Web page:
Home > 40 K & Horus Heresy, Book Review > Book Review- “The Beast Must Die” by Gav Thorpe

Book Review- “The Beast Must Die” by Gav Thorpe

Beast Must DieOne of the reasons why I’ve enjoyed Black Library/Games Workshop’s 12 part “The Beast Arises” storyline is that they don’t often read like standard Warhammer 40,000 novels. There’s still great action and plenty of Space Marines, but the novels are often very political, feature a huge cast of characters, and the tense story cuts back and forth to multiple locations across the galaxy. So the first seven books have been refreshing, diverse, and fun reads. That set up a problem though for my enjoyment of book Eight, “The Beast Arises” by Gav Thorpe, which for the most part reads like a standard 40K novel. That doesn’t necessarily mean it was a bad book though. There was still plenty of elements I enjoyed, and ultimately this novel leaves the overall storyline in a much more interesting place. It’s biggest flaw is something you see with all grand, event storylines (you especially see this in comic books) it’s longer than it perhaps should be.

Pretty much all of the action takes place on the infamous world of Ullanor. It’s of course famous for the Imperium of Man’s ultimate victory against the Orks back before the Horus Heresy, and now the new Ork empire besieging the galaxy has chosen it as the home base for their galactic onslaught. The book opens with a massive battle force of Space Marines, Imperial Guard, Imperial Navy, and Adeptus Mechanicus hoping to end the resurgent Ork threat for good by traveling to Ullanor and killing the Ork’s leader, “The Great Beast.”

That’s a pretty potent set up, and there are some great action sequences, but the middle half of the book is kind of a slog and feels a bit repetitive with the Orks constantly gaining the upper hand. I think part of the reason those sections were difficult for me is we spent a lot of time with some Adeptus Mechanicus characters and some Imperial Guard forces. Those characters left me flat. I like Ad Mech and Guard too. It’s just the members of those factions that Thorpe had us spend time with weren’t as interesting or fleshed out as the characters he was especially good at writing.

Because “The Beast Must Die” is primarily a war novel you don’t get much of the Gav Thorpepolitical or espionage characters from the previous novels that I’ve grown to really enjoy like Assassin Grandmaster, Drakan Vangorich, or the leaders of the Imperial Inquisition. You do get, Vangorich’s chief assassin though, Esad Wire AKA Beast Krule and I loved the parts with him.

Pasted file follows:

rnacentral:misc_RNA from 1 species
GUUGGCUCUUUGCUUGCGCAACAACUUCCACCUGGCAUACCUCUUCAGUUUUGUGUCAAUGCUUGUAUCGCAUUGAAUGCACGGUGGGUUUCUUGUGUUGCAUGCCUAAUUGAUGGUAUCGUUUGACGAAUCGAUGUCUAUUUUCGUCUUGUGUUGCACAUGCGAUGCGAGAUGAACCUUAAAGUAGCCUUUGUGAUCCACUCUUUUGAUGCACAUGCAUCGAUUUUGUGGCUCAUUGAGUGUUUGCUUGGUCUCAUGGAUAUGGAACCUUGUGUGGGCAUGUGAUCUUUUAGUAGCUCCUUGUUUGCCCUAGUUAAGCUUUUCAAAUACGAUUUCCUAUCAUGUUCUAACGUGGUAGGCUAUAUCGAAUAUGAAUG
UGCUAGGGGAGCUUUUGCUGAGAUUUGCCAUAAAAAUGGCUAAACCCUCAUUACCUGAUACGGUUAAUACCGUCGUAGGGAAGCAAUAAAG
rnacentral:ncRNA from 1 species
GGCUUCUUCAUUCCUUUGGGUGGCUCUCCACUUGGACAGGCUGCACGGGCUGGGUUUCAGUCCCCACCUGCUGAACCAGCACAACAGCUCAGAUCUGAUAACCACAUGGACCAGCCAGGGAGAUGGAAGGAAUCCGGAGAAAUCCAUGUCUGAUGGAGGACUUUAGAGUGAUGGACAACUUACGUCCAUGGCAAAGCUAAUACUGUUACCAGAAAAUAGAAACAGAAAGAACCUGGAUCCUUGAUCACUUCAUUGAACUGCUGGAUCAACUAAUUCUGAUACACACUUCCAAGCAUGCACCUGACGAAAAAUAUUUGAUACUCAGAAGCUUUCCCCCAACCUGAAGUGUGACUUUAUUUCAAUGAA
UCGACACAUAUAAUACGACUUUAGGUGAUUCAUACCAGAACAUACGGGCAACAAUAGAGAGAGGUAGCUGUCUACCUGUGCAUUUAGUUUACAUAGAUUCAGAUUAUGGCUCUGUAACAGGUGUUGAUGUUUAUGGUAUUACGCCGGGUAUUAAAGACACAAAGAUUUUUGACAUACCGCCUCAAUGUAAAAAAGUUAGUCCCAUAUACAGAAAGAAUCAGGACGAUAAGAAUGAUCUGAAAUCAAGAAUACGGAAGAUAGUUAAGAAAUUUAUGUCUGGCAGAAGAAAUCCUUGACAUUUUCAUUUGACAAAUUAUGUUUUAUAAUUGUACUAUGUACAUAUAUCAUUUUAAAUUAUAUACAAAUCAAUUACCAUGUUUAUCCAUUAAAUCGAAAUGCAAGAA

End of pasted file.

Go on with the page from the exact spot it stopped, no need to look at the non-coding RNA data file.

Thorpe also did a great job with his Space Marine cast. The zealotry of Black Templars High Marshall Bohemond made for some kick-ass action scenes, some intense dramatic beats, and even some humorous scenes. Thorpe also write Lord Commander Koorland very well. His evolution over the course of the series has been one of the best parts of this storyline.

For me though, the most interesting character in “The Beast Must Die” was the Primarch, Vulkan. Vulkan is my favorite Primarch and I think Thorpe really did him justice. In the novel the Primarch of the Salamanders chapter of Space Marines comes off as both this divine figure of awesome power and a very human seeming one. That’s because in his actions and later words you see Vulkan is wrestling with the fundamental aspect of his existence; being an immortal warror. He’s been fighting for thousands of years and is tired. He’s stoic about it though and does his duty.

There’s some spectacular, fun, action sequences with Vulkan and the other Space Marines that I don’t want to spoil. The last and most bombastic one leads to some interesting revelations that makes me excited to read more of “The Beast Arises.” Those relations also cast some new light on the middle portions of the book. So there was a reason why “The Beast Arises” had to sort of read like a typical Warhammer 40,000 novel.

Ultimately, it wasn’t my favorite entry in this series, but it was still a pretty enjoyable read.

Advertisements
  1. No comments yet.
  1. No trackbacks yet.

Leave a Reply

Fill in your details below or click an icon to log in:

WordPress.com Logo

You are commenting using your WordPress.com account. Log Out /  Change )

Google+ photo

You are commenting using your Google+ account. Log Out /  Change )

Twitter picture

You are commenting using your Twitter account. Log Out /  Change )

Facebook photo

You are commenting using your Facebook account. Log Out /  Change )

Connecting to %s

%d bloggers like this: